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Renee wrote:

I’m looking for three children’s songs my grandmother sung to me.

One was: Here comes the bear, where does he want to go? He wants to go to (name of child)’s
house. She would say this in Swiss German.

The next was: Rumpity bumpity halter stock, vermind. She would also speak in Swiss German and I am unsure of the rest of it. The middle of the song she asked how many fingers she held up. If you were correct, the song continued, if not, she went back to the beginning. But the end was: What do you want water or wine? If you wanted water she would vigorously rub your back. If it was wine she would tell you were too young for wine and slap your behind.

The third was a song she would sing while walking with us. She would hold both our hands and she would criss cross hers and swing us from side to side while saying (hail a room boom boom) and I think it referred to the kaiser – something about kick him in the pants.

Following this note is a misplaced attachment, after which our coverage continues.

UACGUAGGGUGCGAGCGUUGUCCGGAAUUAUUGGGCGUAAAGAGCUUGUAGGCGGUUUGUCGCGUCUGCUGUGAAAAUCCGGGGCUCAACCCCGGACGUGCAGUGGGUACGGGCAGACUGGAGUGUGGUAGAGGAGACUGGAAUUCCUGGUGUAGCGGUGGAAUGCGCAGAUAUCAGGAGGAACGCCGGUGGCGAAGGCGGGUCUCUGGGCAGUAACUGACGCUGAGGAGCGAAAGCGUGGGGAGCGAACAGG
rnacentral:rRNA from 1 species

If you could help in Swiss and English I thank you.
Renee

If anyone can help Renee with any of these songs or nursery rhymes, please comment below.

Thanks!

Lisa

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This artilce was posted on Tuesday, October 30th, 2007 at 9:21 am and is filed under Children's Songs, Countries & Cultures, German, German Children's Songs, German Nursery Rhymes, Germany, Languages, Nursery Rhymes, Questions, Readers Questions, Swiss Children's Songs, Swiss German Dialects, Switzerland. You can follow any responses to this entry through the RSS 2.0 feed. You can leave a response, or trackback from your own site.

13 Responses to “Can Anyone Help with Some Swiss German Songs?”

  1. Renate Says:

    Hi Lisa, hi Renee

    I was a swiss exchange student in Connecticut some twenty years ago and just got your request by e-mail from my american host-father. I think I can help you with tho of the requested children songs/rimes: